A former Dean of the School of Information and Communications Studies at the University of Ghana, Prof. Audrey Gadzekpo, says the failure of successive governments to pass the broadcasting bill has resulted in the unprofessional conduct of some media houses and the unprofessional display of certain media content.
According to her, the absence of the Comprehensive Broadcasting Bill and the lack of transparency in their location of frequencies has led to the capture of the media space by unseen political hands.
Speaking at her Inaugural Lecture on the theme: ‘Taking the Gown to the town: Reflections of a scholar-Activist on media in Ghana’s democratic Journey’, Audrey Gadzekpo said there is a need to pass the broadcasting bill which has been in parliament for years.
“The lack of any broadcasting legislation is a glaring lacuna in the country’s regulatory system which critics argue is mostly responsible for excesses in the broadcast space. In April 202, two teenagers in Kasoa were alleged to have been influenced by content on television to kill an 11-year-old boy for ritual purposes. The incident renewed calls for stronger regulation of broadcast content with the government responding by reactivating a draft broadcast that had been on the back burner for years and promising to immediately put the bill before Parliament. One year on, we are still waiting.”
“The failure of successive governments to enact a Broadcast Code, compounded by lack of transparency and how frequencies are located by the NCA has contributed to the political capture of Ghana media,” she added.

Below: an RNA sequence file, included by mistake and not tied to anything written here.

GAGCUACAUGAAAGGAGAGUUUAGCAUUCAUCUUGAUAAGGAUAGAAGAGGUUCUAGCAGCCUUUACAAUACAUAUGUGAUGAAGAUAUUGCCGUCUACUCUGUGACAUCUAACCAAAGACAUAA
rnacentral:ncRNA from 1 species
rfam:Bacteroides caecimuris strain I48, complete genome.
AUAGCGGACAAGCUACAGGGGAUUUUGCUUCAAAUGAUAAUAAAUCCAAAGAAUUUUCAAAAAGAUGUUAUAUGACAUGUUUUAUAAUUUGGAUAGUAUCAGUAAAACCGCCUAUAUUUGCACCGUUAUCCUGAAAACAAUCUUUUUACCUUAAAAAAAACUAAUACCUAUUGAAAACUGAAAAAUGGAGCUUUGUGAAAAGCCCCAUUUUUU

Her comments add up to many who have raised concerns about the absence of legislation to check media content.
The Professor of Communication Studies at the University of Ghana also turned to the Ghana Police Service and other state security agencies for failing to take action against the abuse of journalists.
Citing the attack on some journalists and the killing of an investigative journalist, Ahmed Suale, the academician said the lack of closure on these attacks continues to stain the records of the country’s respect for free speech.
“The Media Foundation for West Africa has documented several violations against the media. Examples include instances where police or soldiers have detained, assaulted, or threatened journalists while they were covering stories. The brutal assault on JoyNews’ Latif Iddrisu is a case in point. Equally, indicting is still the unresolved murder in 2019 of Ahmed Suale,” she noted.
She insisted that finding the perpetrators of the acts is necessary, considering the important role journalists play in Ghana’s development.
“Investigative reporters such as Anas Aremeyaw Anas, Kwetey Nartey, Manasseh Azure, and Francisca Enchil, have exposed corruption in institutions like the Ghana Procurement Authority, and Health Ministry amongst others.”
She further urged the National Media Commission (NMC) to do more and live up to its constitutional mandate.
“Largely perceived as a dog with a bark but no bite, the NMC on which I have served on two occasions has struggled to truly live up to its constitutional mandate of taking all appropriate measures to ensure the establishment and maintenance of the highest journalistic standards in the mass media.”